When I was in grade school, I was trying to come to terms with my disability. I knew that I had a disability, but I fought against the perceived social implications of disability as unproductive or an object to be pitied (that’s a story for another day). I was a curious child who loved to read and try and find answers to my questions about life and the world around me. I wanted to know if other disabled people had similar life experiences to me. So, my curiosity and desire to learn introduced me to Helen Keller.
Helen Keller was a Deafblind woman, who in many ways, was a disability rights pioneer. Nowadays, she is best known as the punchline to a meme claiming that Helen Keller did not exist on TikTok. Similar to how saying something ironically can easily become part of one’s vocabulary over time, this meme has been taken as fact by numerous people. As one of my first disabled role models, the denial of her existence hurts me.
Before the days of TikTok, Helen Keller gave me a sense of belonging. The two of us have different disabilities, but there was a sense of congruency with our narratives. We shared the knowledge of knowing we were different than other people, but were unable to pinpoint exactly when it began. Helen Keller’ s anger as a child resonated with my own. Like hers, my anger stemmed from being left out and misunderstood. Both Helen Keller and I shared affection for our therapists who gave us a way to better understand how we operated in the world.
While therapist is not often a word attributed to Anne Sullivan, in retrospect she was a therapist akin to the physical therapists and occupational therapists for physically disabled people. Anne Sullivan taught her to fingerspell and read braille (to name a few) which opened doors for her and contributed to her success later in life. My physical therapists helped me to walk and strengthen my balance. My occupational therapists helped me to hold a pencil, write legibly and type. All of these things have helped to succeed in life. Furthermore, my physical and occupational therapists provided space for me to talk about my disability and ask questions about it. I felt uncomfortable talking about my disability to my family and friends. I thought that if I talked to them about it, it would be failing their image of me. On the other hand, I was afraid they would dismiss my words for complaining or fishing for compliments. I suspect that Helen Keller felt a similar way. Her parents and family had an image of her that was different than Sullivan’s image of her.
On a broad scale, Helen Keller defied what the image of a disabled person was back then. She was a college graduate, author and activist. The notion that disabled people are underwhelming as a group and individually will not amount to much, was more pervasive than it is today. Helen Keller was one of the first people to teach me that disabled people do not have to conform to societal expectations. According to a Time article, her legacy includes being co-founder of the ACLU (American Civil Liberties Union), her commitment to being antiracist as well as her turn away from eugenicist ideologies she was taught in her childhood. To summarize her legacy as a meme is not only insulting, but is an understatement.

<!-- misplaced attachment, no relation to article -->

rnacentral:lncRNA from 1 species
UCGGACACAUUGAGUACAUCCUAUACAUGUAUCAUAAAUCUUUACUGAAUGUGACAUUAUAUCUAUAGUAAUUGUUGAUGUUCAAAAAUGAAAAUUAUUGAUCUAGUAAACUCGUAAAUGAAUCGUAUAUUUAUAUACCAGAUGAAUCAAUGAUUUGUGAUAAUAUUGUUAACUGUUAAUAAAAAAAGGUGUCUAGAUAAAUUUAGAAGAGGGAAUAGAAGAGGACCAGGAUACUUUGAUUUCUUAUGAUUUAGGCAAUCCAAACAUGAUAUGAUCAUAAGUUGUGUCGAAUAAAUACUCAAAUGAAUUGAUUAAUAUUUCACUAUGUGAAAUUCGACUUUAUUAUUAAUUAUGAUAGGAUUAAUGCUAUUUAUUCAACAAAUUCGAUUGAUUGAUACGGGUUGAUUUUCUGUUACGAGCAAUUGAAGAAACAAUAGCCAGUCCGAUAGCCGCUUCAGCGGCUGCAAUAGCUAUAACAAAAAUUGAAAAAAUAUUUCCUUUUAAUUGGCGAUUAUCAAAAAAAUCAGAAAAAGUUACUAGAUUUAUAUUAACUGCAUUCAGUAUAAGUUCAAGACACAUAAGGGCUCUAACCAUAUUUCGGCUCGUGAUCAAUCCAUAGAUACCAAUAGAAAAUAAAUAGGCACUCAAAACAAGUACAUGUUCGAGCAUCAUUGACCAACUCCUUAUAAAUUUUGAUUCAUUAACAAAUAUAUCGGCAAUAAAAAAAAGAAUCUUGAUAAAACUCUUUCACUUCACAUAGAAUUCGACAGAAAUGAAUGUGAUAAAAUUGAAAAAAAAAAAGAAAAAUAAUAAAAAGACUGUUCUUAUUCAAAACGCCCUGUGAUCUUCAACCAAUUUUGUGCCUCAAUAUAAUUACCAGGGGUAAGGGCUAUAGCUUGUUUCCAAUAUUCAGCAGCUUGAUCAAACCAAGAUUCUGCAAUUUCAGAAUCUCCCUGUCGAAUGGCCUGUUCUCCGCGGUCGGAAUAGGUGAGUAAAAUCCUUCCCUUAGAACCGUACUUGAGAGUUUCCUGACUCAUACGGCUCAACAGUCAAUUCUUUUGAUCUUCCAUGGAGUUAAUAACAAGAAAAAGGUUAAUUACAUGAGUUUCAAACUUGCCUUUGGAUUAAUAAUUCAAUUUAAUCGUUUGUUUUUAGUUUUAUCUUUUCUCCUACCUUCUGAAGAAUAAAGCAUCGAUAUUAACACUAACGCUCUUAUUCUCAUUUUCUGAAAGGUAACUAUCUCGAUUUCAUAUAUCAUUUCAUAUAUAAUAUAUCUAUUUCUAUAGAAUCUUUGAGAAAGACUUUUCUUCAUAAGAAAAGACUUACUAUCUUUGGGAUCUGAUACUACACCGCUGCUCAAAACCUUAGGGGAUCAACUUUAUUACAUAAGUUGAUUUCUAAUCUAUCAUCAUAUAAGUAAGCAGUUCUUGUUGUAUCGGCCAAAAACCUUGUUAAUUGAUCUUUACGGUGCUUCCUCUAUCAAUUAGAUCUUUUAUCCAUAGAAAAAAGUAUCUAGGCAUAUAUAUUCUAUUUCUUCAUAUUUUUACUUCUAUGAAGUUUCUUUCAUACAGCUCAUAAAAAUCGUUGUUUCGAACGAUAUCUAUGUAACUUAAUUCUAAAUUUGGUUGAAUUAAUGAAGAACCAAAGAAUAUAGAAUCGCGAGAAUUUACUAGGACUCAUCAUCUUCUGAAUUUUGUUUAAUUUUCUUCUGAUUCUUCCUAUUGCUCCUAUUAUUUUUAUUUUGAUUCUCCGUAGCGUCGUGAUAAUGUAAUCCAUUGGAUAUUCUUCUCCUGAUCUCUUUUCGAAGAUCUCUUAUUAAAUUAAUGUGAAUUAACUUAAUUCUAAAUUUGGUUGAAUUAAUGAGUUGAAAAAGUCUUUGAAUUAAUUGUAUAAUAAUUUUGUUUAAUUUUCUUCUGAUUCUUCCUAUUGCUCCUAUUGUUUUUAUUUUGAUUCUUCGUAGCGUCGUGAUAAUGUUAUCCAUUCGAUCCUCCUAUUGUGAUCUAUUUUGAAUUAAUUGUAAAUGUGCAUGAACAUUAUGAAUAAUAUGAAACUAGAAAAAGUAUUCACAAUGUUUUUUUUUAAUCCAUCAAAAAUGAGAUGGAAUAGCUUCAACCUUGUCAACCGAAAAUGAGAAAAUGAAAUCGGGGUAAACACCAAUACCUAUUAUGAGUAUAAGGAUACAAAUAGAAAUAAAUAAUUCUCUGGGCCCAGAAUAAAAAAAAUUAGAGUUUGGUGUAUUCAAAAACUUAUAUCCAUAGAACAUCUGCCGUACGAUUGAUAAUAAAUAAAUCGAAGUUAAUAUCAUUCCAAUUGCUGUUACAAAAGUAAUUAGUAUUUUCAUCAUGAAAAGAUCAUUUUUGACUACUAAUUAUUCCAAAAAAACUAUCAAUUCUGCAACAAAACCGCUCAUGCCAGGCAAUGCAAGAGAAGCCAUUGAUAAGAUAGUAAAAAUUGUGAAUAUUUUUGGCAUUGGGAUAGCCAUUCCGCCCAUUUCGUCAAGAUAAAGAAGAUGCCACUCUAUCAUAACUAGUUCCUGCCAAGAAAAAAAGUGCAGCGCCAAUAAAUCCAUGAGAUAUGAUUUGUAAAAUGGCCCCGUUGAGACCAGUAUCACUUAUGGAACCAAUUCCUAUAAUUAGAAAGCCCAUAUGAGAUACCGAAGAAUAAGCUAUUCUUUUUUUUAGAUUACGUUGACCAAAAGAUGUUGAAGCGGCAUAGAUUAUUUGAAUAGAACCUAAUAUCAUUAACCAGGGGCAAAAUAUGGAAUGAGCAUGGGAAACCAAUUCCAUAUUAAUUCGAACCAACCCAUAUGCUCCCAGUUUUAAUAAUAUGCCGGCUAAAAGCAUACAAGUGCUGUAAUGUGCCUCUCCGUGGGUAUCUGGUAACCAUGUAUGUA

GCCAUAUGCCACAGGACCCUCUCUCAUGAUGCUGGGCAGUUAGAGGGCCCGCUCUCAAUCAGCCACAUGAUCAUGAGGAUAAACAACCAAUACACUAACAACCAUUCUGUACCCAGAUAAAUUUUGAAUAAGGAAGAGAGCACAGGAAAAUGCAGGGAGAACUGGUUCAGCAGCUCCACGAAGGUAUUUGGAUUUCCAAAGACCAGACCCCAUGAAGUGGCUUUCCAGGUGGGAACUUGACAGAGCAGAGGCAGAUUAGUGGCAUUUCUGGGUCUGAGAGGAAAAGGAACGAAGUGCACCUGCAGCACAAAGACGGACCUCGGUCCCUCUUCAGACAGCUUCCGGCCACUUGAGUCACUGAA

I enjoy memes and jokes as much as the next person (I like making people laugh and I have made memes on occasion) , but there is a point where it is not a joke anymore. This meme has circulated to point that people actually believe that Helen Keller did not exist. Disabled people have been routinely erased from history, but I have to say this one takes the cake. Helen Keller is one of the most well known disabled people in U.S. history and some people believe her life was a conspiracy at best. People have doubted her accomplishments, even going as far to accuse her of being a fraud. Why?
It has to do with ableism. People refuse to believe that a disabled person could be accomplished. Disabled people are routinely used by non-disabled people as way to feel better about themselves. When that does not work, it is easier to forget that a disabled person existed than come to terms it. Disabled people are forced to walk the line between being “too” disabled (which will get them written off as objects of pity) and superseding non-disabled people’s expectations (which will get them written off as above their disability or denial of their disability all together). For some people, Helen Keller takes it one step further: she does not exist at all.
Helen Keller’s existence and legacy is bigger than claims that say otherwise. Helen Keller was one of the disability advocates that helped me to feel affirmed in my existence in this world. In turn I will affirm hers; Helen Keller existed. Let me be clear: Helen Keller was a disabled person and she was not more or less of a person because of her disabilities. Her existence, life and legacy mattered then, it matters today and will continue to matter in years to come.